NEW YORK (Reuters Health) – Young adults who received coronary artery stents through age 40 had excellent short- and longer-term results, and the Italian researchers who reported this finding say the devices should be the treatment of choice in this age group.
“PCI in patients age 40 or younger is very uncommon, approximately 2 to 3% of all PCIs performed in our area,” Dr. Emanuele Meliga of Mauriziano Hospital in Turin told Reuters Health by e-mail.
Young people with coronary artery disease (CAD) requiring intervention often have multiple cardiovascular risk factors, such as hypertension, dyslipidemia, diabetes, a family history of coronary artery disease and, above all, smoking, he said.
In a report online March 22 in the American Journal of Cardiology, Dr. Meliga and his colleagues noted that CAD in younger patients is very often untreated because it’s unrecognized. Roughly 60% of patients in this study, for example, had hypertension and/or hypercholesterolemia, but at the time of hospital admission, fewer than 5% were receiving lipid-lowering agents or antihypertensive drugs.
The findings are drawn from registry data on 214 consecutive patients (88% men) who underwent coronary angiography with stent implantation at one of five tertiary care centers between 2005 and 2010.
The average age was 36 years, 77% were active smokers, and the most common clinical presentation was ST-segment elevation myocardial infarction (57%).
Across the cohort, patients received a total of 272 stents (154 bare metal and 118 drug-eluting).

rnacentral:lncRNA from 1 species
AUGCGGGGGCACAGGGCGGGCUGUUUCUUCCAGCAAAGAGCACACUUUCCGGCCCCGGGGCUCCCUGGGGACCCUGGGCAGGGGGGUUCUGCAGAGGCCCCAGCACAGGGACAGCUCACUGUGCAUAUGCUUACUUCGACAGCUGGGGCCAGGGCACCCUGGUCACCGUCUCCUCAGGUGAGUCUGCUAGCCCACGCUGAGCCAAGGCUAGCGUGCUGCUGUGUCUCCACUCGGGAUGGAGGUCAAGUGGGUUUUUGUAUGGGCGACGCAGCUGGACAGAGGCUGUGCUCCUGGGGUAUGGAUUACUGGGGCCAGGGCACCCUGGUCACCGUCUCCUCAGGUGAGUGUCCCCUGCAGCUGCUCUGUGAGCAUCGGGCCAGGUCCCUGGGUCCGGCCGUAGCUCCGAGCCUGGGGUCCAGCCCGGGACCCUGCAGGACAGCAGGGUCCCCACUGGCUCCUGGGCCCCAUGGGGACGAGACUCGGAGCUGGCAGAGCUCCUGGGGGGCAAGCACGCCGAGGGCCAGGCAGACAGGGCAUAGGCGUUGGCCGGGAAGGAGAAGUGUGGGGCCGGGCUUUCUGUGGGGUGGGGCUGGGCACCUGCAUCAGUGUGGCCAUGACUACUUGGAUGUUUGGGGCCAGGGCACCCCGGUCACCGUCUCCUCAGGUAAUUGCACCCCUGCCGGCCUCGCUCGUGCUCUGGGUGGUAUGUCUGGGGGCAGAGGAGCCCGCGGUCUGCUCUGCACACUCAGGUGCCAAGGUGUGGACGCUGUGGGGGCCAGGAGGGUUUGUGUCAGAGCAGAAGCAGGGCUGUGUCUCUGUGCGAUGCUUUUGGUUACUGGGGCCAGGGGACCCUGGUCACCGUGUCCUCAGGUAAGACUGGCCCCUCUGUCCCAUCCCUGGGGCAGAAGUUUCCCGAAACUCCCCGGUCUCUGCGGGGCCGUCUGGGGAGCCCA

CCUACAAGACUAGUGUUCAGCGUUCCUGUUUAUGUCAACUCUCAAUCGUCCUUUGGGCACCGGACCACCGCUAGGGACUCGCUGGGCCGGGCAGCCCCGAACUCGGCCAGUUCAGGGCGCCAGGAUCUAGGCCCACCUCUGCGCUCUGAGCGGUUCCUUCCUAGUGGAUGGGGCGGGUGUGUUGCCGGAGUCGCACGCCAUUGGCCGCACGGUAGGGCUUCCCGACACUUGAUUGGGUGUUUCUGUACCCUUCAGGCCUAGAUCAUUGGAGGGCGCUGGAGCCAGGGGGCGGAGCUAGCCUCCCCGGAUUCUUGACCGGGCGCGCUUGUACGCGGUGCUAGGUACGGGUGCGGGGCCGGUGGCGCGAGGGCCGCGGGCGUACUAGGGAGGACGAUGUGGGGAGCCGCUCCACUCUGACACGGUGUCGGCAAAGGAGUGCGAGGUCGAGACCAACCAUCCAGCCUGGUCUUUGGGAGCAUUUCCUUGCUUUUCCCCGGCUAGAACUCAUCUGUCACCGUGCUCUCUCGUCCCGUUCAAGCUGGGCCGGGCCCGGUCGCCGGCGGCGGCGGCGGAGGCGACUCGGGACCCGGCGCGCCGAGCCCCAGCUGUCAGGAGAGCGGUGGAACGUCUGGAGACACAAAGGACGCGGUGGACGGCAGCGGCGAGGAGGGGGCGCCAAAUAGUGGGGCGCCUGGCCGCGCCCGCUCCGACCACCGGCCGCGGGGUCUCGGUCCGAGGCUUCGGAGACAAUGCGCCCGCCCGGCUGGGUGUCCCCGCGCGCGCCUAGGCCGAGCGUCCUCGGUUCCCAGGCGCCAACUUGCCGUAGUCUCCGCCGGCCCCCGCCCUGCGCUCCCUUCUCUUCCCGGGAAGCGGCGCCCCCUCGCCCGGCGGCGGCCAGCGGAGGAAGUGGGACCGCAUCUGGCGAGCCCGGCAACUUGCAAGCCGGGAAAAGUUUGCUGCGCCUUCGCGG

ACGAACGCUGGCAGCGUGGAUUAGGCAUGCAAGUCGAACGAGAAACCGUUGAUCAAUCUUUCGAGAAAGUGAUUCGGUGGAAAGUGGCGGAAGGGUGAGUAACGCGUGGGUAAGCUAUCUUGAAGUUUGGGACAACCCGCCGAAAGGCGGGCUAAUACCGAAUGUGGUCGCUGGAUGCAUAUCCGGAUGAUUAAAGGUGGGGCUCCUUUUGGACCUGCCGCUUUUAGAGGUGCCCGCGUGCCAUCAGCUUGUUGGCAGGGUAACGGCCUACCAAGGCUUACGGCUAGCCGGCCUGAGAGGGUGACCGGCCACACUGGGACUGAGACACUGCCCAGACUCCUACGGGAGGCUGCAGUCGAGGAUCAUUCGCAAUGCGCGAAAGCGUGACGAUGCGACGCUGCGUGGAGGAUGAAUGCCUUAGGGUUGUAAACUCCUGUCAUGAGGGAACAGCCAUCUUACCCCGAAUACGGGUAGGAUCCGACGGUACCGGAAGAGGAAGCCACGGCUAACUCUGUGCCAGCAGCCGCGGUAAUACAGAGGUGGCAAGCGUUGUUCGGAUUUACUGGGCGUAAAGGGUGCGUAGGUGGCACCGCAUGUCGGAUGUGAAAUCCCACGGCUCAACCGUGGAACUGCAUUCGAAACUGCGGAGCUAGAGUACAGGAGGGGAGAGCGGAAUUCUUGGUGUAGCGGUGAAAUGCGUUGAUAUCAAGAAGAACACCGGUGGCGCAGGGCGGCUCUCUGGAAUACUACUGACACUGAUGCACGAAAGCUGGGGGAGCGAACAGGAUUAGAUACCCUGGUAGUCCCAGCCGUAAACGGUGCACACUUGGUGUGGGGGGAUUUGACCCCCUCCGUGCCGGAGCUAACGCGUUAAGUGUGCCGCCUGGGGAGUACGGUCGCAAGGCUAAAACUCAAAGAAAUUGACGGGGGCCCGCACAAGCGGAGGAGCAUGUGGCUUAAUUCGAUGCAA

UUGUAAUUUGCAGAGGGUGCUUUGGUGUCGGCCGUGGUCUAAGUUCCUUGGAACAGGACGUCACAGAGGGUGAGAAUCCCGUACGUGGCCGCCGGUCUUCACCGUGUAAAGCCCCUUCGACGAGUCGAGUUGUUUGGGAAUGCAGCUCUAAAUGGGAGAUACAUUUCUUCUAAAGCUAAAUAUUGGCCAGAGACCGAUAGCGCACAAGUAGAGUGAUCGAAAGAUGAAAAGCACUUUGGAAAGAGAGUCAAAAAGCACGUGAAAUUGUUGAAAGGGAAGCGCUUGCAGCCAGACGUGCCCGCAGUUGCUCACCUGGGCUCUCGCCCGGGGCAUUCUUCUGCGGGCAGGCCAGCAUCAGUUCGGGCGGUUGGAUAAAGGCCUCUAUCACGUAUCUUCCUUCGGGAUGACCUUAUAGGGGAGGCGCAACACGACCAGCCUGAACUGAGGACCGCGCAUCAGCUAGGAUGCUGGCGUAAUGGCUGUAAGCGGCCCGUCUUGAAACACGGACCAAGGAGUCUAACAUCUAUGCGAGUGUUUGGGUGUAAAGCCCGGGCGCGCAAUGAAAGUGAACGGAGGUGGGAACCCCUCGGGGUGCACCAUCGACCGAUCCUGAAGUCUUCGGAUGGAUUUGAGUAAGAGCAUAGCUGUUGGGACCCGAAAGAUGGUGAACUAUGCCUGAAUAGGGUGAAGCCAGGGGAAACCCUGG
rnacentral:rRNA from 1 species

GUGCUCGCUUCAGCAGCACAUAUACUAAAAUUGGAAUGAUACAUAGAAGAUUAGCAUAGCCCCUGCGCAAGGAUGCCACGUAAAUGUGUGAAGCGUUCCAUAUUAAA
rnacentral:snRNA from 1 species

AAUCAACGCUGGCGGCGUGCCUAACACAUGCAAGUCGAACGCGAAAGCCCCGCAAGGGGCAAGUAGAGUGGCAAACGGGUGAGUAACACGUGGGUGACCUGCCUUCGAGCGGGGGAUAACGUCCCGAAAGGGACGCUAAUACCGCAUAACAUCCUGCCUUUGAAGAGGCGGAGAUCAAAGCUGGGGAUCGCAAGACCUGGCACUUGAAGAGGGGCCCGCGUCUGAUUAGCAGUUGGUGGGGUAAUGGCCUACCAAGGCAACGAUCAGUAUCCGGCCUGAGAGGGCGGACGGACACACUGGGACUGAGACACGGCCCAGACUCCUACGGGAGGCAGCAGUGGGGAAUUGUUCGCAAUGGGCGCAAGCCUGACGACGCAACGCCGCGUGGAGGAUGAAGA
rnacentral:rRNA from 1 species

The rate of in-hospital major adverse cardiac and cerebrovascular events was 2.3%; there were no in-hospital deaths.
With a median follow-up of 757 days, the overall mortality rate was 0.9%, the incidence of myocardial infarction was 3.7%, and 12.6% of patients required a new revascularization procedure (target vessel revascularization 6.5%, percutaneous intervention in another vessel 4.7%, and coronary artery bypass grafting 1.4%).
On multivariate analysis, active smoking and left ventricular ejection fraction less than 50% were independent predictors of major adverse cardiac and cerebrovascular events.
In contrast to the marked undertreatment of the study patients prior to hospitalization, medical treatment afterward played “a significant role in the excellent clinical outcomes reported in the present study,” the authors wrote.
At discharge, all patients received aspirin and clopidogrel, 90% were prescribed statins, and 70% were prescribed beta-blockers and angiotensin-converting enzyme inhibitors. All patients were prescribed at least one antihypertensive drug.
Am J Cardiol 2012.